A Typology of Social Evolution and Language Change
William Croft, University of Manchester


Joseph H. Greenberg made major contributions to the field of linguistics in genetic classification of languages and the typology and universals of language. Greenberg also made important links between language, culture and society and between language and evolutionary theory in biology. I will attempt to build on Greenberg's legacy in integrating these areas of research in order to address issues raised in historical linguistics. I will combine the classification of societies from social anthropology (Service, Diamond) with research in sociolinguistics (inter alia, Fishman, Gumperz and the Milroys) and social psychology (H. Clark) on the communicative stucture of society, and propose a typology of language contact situations and their linguistic outcomes correlated with the types of societies in contact. Then I will turn to the evidence for the prehistory of human societies and suggest some tentative conclusions about the nature of language change since the origin of modern human language.

Social anthropology has classified human societies into bands, tribes, chiefdoms and states, though there are of course no sharp divisions between the types. Bands number a few dozen members and are nomadic, while tribes number in the hundreds and are sedentary, in a single village. Bands and tribes are largely egalitarian. Chiefdoms represent larger societies, numbering in the thousands and residing in multiple villages. Economic specialization and social stratification emerge in chiefdoms. Finally, states represent even greater population densities and specialization, and also the integration of multiple societies into a single unit, usually by force.

Historical liguistics always ultimately reflects underlying social history. The family tree model of genetic classification of languages reflects the pattern of fission in societies. Fission commonly occurs in all types of societies. Language contact on the other hand involves some degree of reticulation of the family tree, at least with respect to individual linguistic traits. These fall into two broad types: borrowing of actual forms (both words and inflections), and convergence of structural patterns (both sound structure and grammatical structure), arising from language shift or long-term multilingualism. New languages also arise: pidgins, typically from trade or migrant labor (including slavery), and the creoles they can evolve into; and a few instances of so-called mixed languages.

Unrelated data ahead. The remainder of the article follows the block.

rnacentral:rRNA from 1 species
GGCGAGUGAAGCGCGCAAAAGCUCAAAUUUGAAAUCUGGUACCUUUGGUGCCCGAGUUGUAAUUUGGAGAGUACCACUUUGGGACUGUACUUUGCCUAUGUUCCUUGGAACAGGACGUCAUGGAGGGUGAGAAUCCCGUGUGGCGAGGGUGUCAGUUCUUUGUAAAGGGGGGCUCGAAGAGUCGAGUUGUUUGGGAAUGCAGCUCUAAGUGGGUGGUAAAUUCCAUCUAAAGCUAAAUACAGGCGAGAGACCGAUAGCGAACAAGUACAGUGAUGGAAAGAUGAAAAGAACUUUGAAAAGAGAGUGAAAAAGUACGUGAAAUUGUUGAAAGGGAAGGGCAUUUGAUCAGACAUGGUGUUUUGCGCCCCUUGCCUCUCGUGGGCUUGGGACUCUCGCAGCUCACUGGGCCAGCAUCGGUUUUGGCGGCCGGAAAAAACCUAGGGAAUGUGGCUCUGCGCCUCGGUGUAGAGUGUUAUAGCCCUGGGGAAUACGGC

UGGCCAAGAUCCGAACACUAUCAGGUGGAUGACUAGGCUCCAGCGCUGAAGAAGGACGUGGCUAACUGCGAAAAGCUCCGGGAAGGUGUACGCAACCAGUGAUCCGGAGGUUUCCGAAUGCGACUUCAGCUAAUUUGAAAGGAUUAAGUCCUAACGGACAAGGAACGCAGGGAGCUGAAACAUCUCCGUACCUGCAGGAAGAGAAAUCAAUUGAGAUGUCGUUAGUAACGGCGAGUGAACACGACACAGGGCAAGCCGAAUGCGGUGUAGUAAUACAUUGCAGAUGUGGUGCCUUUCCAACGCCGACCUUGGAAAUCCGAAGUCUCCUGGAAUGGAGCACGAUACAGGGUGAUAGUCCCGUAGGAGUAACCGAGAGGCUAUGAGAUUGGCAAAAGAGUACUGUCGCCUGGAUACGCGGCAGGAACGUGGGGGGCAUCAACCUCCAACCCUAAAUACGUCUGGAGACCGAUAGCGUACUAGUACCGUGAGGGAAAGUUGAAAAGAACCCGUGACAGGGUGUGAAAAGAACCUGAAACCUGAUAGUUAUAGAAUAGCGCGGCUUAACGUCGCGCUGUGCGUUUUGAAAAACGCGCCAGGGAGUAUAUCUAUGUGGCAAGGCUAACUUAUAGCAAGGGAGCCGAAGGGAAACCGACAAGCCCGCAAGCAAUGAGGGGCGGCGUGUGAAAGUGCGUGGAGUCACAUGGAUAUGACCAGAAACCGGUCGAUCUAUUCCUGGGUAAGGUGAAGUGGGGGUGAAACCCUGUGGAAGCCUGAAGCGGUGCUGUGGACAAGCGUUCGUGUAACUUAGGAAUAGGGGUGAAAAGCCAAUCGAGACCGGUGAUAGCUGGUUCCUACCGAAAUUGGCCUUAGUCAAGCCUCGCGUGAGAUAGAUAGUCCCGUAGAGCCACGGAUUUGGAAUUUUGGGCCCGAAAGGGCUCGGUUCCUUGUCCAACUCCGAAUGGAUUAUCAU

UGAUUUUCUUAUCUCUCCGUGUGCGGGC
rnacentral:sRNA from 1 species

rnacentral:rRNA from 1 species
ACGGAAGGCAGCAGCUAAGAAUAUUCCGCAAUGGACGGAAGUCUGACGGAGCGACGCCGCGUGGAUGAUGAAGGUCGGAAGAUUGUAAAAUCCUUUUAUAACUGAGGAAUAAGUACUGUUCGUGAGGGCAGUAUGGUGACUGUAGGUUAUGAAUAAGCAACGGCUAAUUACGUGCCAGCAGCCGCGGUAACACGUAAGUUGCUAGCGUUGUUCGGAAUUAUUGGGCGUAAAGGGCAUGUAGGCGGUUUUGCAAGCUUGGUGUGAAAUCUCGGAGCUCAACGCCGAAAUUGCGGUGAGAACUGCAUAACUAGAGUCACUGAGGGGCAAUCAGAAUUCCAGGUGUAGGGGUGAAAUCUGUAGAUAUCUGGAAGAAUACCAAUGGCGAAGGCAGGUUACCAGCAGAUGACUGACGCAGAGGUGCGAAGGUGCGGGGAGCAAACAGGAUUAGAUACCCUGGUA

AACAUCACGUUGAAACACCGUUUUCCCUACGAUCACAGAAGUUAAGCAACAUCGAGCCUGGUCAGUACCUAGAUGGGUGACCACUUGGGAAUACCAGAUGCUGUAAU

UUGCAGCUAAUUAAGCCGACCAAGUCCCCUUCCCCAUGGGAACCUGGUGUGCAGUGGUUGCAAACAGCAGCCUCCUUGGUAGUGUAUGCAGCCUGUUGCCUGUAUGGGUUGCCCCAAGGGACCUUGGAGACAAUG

Social contacts that may have linguistic consequences include marriage, trade and politicial integration. Among bands, exogamy can lead to sometimes significant borrowing, but often the spouse's band speaks the same language (due to fission) and then exogamy reinforces the integrity of the language. Trade can lead to multilingualism in all societies, but to lingua francas probably only with chiefdoms and states, and trade pidgins probably only with states. This sort of multilingualism leads to specialized borrowing and structural convergence. Symbiotic relationships between chiefdoms may also lead to structural convergence in their languages. Among bands, tribes and chiefdoms, political alliances are largely opportunistic and functionally restricted, with linguistic consequences not unlike trade. It is with states that the greatest range of contact situations occurs. States engage in trade, conquest, colonization, enslavement, and political integration, leading to lingua francas and trade pidgins, migrant labor pidgins and creoles, structural convergence, and on rare occasions stable mixed languages.

I take the view that modern human language arose the with emergence of behaviorally modern humans approximately 150 to 70 thousand years (ky) ago. Archaeological evidence suggests that early modern humans were largely organized as bands. Tribal organization may have developed in ecologically favorable environments, but such environments were rarer then due to the last Ice Age. There is some archaeological evidence that stratification (chiefdoms) may have emerged in Ukraine 26-14ky ago and in SW France 15-11ky ago. The first states emerged around 6ky ago, well after the end of the last Ice Age. Thus, it appears that the types of language contact situations that cause the greatest potential difficulties for linguistic genetic classification have probably occurred only in the most recent period of language evolution. However, borrowing particularly in the context of band exogamy must be carefully considered.